“Had I any indication whatsoever of what symptoms to look for when my two 5-year old Australian Shepherds got ill, I would have immediately stopped feeding these treats to them before Skylar, the smaller of the two dogs died,” says Bob Schumacher, who launched ChickenJerky.org in memory of his dog.

    Skylar, a healthy and robust dog’s death was attributed by his veterinarian to eating small amounts of Purina’s Waggin’Train chicken jerky treats purchased at Costco.

    “I don’t expect Purina to make the most delicious or even the most nutritious dog food or treats. But I do expect Purina not to knowingly sell treats that potentially are linked to sickening or killing our beloved companion animals, — and not be responsible enough to warn us.”

    “Can Purina’s executives begin to imagine what it is like for me to know every day for the rest of my life that I fed Skylar, my best friend who depended on me to care for him, the very treats that killed him,” continued Mr. Schumacher.

    “Do these Purina executives have any genuine empathy for what it is like to watch your companion die a slow and horrible death over two months in spite of constant round the clock care and thousand dollar veterinary bills?” concluded Mr. Schumacher.

    • Michael J Considine Jr

      Feb 10, 2012 at 5:06 pm

      I feel Mr. Schumacher’s pain and frustrations and this is another good example that too many companies in the pet food industry care more about profits than quality.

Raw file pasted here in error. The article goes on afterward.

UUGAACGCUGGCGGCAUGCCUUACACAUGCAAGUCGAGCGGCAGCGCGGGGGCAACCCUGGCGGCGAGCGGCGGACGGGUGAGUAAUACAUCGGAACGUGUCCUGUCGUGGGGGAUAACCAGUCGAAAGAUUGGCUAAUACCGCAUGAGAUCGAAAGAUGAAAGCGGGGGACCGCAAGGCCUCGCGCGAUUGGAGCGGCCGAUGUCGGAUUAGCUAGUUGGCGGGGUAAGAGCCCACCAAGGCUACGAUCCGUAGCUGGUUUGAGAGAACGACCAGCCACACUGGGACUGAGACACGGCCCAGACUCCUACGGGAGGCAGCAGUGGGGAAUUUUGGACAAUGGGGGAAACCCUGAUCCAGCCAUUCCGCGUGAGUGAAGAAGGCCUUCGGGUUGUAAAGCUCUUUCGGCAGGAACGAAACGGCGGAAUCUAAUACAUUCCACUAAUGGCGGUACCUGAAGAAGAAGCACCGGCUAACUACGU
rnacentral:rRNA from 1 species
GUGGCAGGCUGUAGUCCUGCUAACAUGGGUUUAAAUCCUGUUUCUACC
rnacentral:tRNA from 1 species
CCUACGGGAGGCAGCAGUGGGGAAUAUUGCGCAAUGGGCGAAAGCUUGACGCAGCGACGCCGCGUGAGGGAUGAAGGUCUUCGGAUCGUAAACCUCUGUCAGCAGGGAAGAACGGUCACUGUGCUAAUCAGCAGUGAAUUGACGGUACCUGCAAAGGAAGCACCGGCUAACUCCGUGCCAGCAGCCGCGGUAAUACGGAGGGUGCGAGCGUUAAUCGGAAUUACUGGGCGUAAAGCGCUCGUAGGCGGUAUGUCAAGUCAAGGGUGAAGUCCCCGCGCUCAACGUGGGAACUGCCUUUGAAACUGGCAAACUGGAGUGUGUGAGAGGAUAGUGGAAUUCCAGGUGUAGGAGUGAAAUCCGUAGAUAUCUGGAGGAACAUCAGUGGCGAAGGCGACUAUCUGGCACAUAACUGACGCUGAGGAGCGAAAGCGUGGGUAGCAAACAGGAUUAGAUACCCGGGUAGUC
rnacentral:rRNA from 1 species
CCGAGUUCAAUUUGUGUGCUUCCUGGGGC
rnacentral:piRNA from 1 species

This is why we the dog parents need to educate ourselves on labeling and ingredients lists and what they really mean… I have been doing research for over three years, ever since my Beagle started to have seizures and believe me what you read on the labels is misleading at best.

      I have not read the labeling for these treats, but I would guess if it’s made in China it would include a meat by-product of some sort… I am not saying that this meat by-product was the cause of illnesses, but if your dog food lists a meat by-product it is a good indication that it is a low quality food and the manufacturer cares more about profits than quality.

      Please at the very least stop feeding your dogs any formula that list a meat by-product, and these formulas can be found even on the shelves of some Vets, so don’t think because the Vet sells it, that makes is a quality food.

      There are so many more things you should know about reading and understanding dog food labels that go beyond meat by-products, but if you do at least that it would be a good start.

      Keeping my dogs as healthy as possible has become a major part of my life, and spreading the word to other dog parents about what I have learned has been part of that mission for over three years now.

Leave a Reply

Your email address will not be published. Required fields are marked *

To Top
Subscribe To Our Newsletter

Subscribe To Our Newsletter

Join our mailing list to receive the latest dog news, recall alerts, and giveaways!

You have Successfully Subscribed!